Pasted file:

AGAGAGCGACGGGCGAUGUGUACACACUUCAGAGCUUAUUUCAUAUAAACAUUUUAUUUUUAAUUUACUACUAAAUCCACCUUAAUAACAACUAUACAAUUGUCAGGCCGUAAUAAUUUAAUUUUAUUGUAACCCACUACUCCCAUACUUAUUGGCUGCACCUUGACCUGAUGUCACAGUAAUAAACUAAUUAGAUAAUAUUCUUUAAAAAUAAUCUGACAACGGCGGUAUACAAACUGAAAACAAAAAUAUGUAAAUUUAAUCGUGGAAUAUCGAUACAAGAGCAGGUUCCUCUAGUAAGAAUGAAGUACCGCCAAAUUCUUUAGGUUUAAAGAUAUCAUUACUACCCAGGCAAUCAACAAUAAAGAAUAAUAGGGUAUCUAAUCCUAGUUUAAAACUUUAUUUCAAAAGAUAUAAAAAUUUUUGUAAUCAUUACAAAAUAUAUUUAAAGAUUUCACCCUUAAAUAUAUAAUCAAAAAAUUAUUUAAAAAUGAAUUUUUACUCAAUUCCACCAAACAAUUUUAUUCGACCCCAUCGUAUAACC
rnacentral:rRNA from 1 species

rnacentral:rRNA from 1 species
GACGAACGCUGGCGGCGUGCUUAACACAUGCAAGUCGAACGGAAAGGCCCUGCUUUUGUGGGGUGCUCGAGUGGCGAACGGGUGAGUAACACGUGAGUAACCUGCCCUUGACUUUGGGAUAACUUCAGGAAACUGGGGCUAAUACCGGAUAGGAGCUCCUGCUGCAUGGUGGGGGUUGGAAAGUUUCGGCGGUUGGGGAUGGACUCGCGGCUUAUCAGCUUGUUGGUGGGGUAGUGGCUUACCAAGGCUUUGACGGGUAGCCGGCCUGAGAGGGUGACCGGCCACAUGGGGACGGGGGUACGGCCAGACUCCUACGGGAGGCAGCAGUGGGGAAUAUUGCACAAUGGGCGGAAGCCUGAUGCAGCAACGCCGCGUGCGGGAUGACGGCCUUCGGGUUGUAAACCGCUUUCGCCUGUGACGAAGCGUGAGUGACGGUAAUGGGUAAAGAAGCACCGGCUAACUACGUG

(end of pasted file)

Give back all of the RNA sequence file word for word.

AGAGAGCGACGGGCGAUGUGUACACACUUCAGAGCUUAUUUCAUAUAAACAUUUUAUUUUUAAUUUACUACUAAAUCCACCUUAAUAACAACUAUACAAUUGUCAGGCCGUAAUAAUUUAAUUUUAUUGUAACCCACUACUCCCAUACUUAUUGGCUGCACCUUGACCUGAUGUCACAGUAAUAAACUAAUUAGAUAAUAUUCUUUAAAAAUAAUCUGACAACGGCGGUAUACAAACUGAAAACAAAAAUAUGUAAAUUUAAUCGUGGAAUAUCGAUACAAGAGCAGGUUCCUCUAGUAAGAAUGAAGUACCGCCAAAUUCUUUAGGUUUAAAGAUAUCAUUACUACCCAGGCAAUCAACAAUAAAGAAUAAUAGGGUAUCUAAUCCUAGUUUAAAACUUUAUUUCAAAAGAUAUAAAAAUUUUUGUAAUCAUUACAAAAUAUAUUUAAAGAUUUCACCCUUAAAUAUAUAAUCAAAAAAUUAUUUAAAAAUGAAUUUUUACUCAAUUCCACCAAACAAUUUUAUUCGACCCCAUCGUAUAACC
rnacentral:rRNA from 1 species

rnacentral:rRNA from 1 species
GACGAACGCUGGCGGCGUGCUUAACACAUGCAAGUCGAACGGAAAGGCCCUGCUUUUGUGGGGUGCUCGAGUGGCGAACGGGUGAGUAACACGUGAGUAACCUGCCCUUGACUUUGGGAUAACUUCAGGAAACUGGGGCUAAUACCGGAUAGGAGCUCCUGCUGCAUGGUGGGGGUUGGAAAGUUUCGGCGGUUGGGGAUGGACUCGCGGCUUAUCAGCUUGUUGGUGGGGUAGUGGCUUACCAAGGCUUUGACGGGUAGCCGGCCUGAGAGGGUGACCGGCCACAUGGGGACGGGGGUACGGCCAGACUCCUACGGGAGGCAGCAGUGGGGAAUAUUGCACAAUGGGCGGAAGCCUGAUGCAGCAACGCCGCGUGCGGGAUGACGGCCUUCGGGUUGUAAACCGCUUUCGCCUGUGACGAAGCGUGAGUGACGGUAAUGGGUAAAGAAGCACCGGCUAACUACGUG